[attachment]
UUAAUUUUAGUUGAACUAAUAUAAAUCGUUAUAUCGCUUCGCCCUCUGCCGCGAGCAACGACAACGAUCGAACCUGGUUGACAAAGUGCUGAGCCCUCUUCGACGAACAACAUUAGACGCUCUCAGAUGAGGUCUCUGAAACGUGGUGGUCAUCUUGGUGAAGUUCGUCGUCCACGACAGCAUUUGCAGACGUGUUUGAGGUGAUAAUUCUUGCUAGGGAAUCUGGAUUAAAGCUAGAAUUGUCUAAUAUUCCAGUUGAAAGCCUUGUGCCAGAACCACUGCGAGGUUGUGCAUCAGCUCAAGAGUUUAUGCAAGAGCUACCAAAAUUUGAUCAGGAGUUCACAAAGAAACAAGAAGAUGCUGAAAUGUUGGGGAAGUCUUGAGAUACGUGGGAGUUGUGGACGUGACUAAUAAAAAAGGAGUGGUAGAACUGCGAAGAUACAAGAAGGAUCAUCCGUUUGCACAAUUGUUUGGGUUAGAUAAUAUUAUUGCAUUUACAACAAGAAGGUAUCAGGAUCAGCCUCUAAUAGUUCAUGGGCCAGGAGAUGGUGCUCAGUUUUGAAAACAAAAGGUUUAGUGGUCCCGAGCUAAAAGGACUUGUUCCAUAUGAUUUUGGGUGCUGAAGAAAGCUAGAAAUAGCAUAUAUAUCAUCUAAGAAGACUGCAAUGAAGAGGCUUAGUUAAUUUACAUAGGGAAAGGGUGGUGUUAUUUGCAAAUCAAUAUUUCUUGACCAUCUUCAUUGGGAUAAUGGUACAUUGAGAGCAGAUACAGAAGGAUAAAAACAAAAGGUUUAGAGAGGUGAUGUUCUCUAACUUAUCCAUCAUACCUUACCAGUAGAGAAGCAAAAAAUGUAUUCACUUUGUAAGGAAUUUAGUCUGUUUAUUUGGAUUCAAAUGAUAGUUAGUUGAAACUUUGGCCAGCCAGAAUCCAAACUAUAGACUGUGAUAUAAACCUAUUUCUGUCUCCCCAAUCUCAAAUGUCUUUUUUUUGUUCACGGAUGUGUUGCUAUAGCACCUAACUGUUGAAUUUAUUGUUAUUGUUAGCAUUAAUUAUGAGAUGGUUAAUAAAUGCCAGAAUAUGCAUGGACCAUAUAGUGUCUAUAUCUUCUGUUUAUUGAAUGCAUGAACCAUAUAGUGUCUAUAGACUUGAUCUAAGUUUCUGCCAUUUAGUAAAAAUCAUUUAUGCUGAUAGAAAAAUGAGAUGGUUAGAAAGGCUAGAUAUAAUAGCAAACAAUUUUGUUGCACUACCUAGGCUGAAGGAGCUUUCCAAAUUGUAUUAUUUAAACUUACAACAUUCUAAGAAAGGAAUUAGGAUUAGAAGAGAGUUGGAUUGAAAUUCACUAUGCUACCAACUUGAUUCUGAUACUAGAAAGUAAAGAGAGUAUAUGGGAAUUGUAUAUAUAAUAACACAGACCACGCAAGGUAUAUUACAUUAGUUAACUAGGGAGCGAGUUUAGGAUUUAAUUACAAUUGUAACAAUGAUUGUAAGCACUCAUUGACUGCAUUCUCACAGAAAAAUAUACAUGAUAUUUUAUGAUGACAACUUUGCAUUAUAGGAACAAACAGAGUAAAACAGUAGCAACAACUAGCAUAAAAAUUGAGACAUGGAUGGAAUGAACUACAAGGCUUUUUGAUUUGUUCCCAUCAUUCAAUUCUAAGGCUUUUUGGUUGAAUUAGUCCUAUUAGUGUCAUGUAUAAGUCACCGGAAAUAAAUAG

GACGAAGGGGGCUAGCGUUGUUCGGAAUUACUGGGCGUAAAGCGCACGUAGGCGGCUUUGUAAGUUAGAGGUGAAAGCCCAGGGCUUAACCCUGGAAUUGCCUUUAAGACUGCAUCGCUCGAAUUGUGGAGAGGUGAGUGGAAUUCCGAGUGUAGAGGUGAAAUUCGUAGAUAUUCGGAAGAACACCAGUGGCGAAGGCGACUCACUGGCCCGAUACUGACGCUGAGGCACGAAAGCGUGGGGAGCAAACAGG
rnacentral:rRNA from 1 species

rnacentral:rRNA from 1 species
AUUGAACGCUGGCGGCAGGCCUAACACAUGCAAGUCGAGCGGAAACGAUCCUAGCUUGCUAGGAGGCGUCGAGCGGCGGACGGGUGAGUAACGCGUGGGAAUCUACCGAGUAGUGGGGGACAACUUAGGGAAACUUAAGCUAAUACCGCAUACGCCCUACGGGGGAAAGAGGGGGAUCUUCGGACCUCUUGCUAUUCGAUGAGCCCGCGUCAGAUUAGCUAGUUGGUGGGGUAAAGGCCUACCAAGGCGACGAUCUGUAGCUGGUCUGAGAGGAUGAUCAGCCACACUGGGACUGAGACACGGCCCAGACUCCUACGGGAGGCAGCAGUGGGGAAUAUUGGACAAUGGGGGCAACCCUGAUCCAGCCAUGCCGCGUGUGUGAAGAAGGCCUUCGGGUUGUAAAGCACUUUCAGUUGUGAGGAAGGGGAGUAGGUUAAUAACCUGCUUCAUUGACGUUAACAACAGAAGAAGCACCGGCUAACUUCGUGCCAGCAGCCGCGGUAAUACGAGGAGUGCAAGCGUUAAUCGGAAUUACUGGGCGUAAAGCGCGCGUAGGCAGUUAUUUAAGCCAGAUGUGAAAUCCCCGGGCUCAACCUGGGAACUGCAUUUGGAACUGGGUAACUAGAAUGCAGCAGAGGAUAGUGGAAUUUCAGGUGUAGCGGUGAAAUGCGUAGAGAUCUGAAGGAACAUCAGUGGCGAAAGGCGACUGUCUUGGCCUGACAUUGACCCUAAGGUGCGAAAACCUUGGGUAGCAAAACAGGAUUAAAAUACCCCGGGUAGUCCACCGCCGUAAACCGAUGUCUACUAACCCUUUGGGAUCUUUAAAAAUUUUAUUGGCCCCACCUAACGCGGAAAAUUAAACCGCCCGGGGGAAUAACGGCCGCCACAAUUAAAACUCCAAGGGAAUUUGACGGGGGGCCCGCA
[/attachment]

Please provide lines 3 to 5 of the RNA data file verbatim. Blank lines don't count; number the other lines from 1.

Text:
rnacentral:rRNA from 1 species

rnacentral:rRNA from 1 species
AUUGAACGCUGGCGGCAGGCCUAACACAUGCAAGUCGAGCGGAAACGAUCCUAGCUUGCUAGGAGGCGUCGAGCGGCGGACGGGUGAGUAACGCGUGGGAAUCUACCGAGUAGUGGGGGACAACUUAGGGAAACUUAAGCUAAUACCGCAUACGCCCUACGGGGGAAAGAGGGGGAUCUUCGGACCUCUUGCUAUUCGAUGAGCCCGCGUCAGAUUAGCUAGUUGGUGGGGUAAAGGCCUACCAAGGCGACGAUCUGUAGCUGGUCUGAGAGGAUGAUCAGCCACACUGGGACUGAGACACGGCCCAGACUCCUACGGGAGGCAGCAGUGGGGAAUAUUGGACAAUGGGGGCAACCCUGAUCCAGCCAUGCCGCGUGUGUGAAGAAGGCCUUCGGGUUGUAAAGCACUUUCAGUUGUGAGGAAGGGGAGUAGGUUAAUAACCUGCUUCAUUGACGUUAACAACAGAAGAAGCACCGGCUAACUUCGUGCCAGCAGCCGCGGUAAUACGAGGAGUGCAAGCGUUAAUCGGAAUUACUGGGCGUAAAGCGCGCGUAGGCAGUUAUUUAAGCCAGAUGUGAAAUCCCCGGGCUCAACCUGGGAACUGCAUUUGGAACUGGGUAACUAGAAUGCAGCAGAGGAUAGUGGAAUUUCAGGUGUAGCGGUGAAAUGCGUAGAGAUCUGAAGGAACAUCAGUGGCGAAAGGCGACUGUCUUGGCCUGACAUUGACCCUAAGGUGCGAAAACCUUGGGUAGCAAAACAGGAUUAAAAUACCCCGGGUAGUCCACCGCCGUAAACCGAUGUCUACUAACCCUUUGGGAUCUUUAAAAAUUUUAUUGGCCCCACCUAACGCGGAAAAUUAAACCGCCCGGGGGAAUAACGGCCGCCACAAUUAAAACUCCAAGGGAAUUUGACGGGGGGCCCGCA